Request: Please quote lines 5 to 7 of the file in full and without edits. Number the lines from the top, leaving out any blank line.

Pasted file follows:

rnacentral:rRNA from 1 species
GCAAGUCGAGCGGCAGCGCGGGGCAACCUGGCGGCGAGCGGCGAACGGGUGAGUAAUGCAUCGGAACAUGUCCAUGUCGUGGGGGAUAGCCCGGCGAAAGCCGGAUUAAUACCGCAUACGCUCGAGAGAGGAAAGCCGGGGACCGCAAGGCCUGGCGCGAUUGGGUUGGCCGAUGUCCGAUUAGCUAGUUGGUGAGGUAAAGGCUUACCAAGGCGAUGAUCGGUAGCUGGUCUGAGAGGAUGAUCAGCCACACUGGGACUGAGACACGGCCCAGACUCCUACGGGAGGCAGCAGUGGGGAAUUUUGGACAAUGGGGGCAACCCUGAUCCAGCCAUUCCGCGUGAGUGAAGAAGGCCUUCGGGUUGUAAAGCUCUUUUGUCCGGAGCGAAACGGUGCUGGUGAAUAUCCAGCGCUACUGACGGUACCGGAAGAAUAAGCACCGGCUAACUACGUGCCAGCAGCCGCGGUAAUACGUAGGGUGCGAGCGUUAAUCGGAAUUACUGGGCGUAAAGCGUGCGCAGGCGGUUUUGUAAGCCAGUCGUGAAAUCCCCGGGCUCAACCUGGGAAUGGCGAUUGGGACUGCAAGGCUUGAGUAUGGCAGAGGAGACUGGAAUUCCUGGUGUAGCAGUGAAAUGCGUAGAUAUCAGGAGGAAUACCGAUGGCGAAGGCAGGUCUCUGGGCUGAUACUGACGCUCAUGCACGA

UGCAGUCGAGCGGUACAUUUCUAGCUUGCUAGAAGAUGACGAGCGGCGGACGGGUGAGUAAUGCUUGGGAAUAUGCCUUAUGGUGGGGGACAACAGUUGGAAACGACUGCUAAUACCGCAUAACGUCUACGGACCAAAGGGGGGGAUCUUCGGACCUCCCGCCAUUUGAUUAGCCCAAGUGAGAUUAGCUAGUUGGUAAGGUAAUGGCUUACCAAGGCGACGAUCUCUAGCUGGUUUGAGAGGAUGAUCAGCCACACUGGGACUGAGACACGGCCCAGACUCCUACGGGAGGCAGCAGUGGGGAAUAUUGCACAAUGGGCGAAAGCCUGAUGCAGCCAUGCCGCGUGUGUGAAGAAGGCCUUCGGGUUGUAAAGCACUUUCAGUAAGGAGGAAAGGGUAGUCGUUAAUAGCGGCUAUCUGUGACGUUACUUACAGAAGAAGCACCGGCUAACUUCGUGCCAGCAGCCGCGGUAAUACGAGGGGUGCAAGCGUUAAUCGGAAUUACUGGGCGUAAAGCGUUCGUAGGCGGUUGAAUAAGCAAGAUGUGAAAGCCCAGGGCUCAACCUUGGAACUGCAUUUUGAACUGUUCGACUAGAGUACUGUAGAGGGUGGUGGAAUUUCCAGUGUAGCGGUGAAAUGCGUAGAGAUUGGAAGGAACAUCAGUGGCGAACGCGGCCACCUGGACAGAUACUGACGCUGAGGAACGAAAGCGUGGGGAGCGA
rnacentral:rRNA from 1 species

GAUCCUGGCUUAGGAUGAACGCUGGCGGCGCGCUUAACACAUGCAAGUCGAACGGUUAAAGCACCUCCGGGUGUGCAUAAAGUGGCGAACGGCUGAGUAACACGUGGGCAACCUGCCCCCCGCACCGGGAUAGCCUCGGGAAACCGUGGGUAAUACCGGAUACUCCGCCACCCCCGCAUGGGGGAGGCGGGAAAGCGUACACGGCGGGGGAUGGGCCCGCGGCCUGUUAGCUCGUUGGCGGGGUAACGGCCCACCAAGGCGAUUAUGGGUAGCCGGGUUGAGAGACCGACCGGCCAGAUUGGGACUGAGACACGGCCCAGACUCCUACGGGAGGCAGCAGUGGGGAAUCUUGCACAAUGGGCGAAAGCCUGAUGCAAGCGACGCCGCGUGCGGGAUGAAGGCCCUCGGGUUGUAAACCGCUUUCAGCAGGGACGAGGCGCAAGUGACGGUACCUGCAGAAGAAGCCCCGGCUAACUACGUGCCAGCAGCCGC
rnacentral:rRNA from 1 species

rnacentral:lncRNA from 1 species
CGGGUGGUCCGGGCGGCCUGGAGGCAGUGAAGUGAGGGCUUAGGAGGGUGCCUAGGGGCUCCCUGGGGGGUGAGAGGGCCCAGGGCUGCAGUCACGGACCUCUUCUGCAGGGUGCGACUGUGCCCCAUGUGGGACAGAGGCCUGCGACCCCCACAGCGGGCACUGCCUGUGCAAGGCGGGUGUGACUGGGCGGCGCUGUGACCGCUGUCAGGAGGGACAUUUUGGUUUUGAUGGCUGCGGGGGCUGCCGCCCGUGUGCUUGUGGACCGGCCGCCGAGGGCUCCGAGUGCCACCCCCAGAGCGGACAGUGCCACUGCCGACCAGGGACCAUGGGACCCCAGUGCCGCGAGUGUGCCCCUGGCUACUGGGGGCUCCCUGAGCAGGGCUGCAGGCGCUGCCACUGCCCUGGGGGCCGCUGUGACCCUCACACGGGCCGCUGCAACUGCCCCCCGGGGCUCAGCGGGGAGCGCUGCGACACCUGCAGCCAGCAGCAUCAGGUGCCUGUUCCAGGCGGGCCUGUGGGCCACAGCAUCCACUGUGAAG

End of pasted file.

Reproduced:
GAUCCUGGCUUAGGAUGAACGCUGGCGGCGCGCUUAACACAUGCAAGUCGAACGGUUAAAGCACCUCCGGGUGUGCAUAAAGUGGCGAACGGCUGAGUAACACGUGGGCAACCUGCCCCCCGCACCGGGAUAGCCUCGGGAAACCGUGGGUAAUACCGGAUACUCCGCCACCCCCGCAUGGGGGAGGCGGGAAAGCGUACACGGCGGGGGAUGGGCCCGCGGCCUGUUAGCUCGUUGGCGGGGUAACGGCCCACCAAGGCGAUUAUGGGUAGCCGGGUUGAGAGACCGACCGGCCAGAUUGGGACUGAGACACGGCCCAGACUCCUACGGGAGGCAGCAGUGGGGAAUCUUGCACAAUGGGCGAAAGCCUGAUGCAAGCGACGCCGCGUGCGGGAUGAAGGCCCUCGGGUUGUAAACCGCUUUCAGCAGGGACGAGGCGCAAGUGACGGUACCUGCAGAAGAAGCCCCGGCUAACUACGUGCCAGCAGCCGC
rnacentral:rRNA from 1 species

rnacentral:lncRNA from 1 species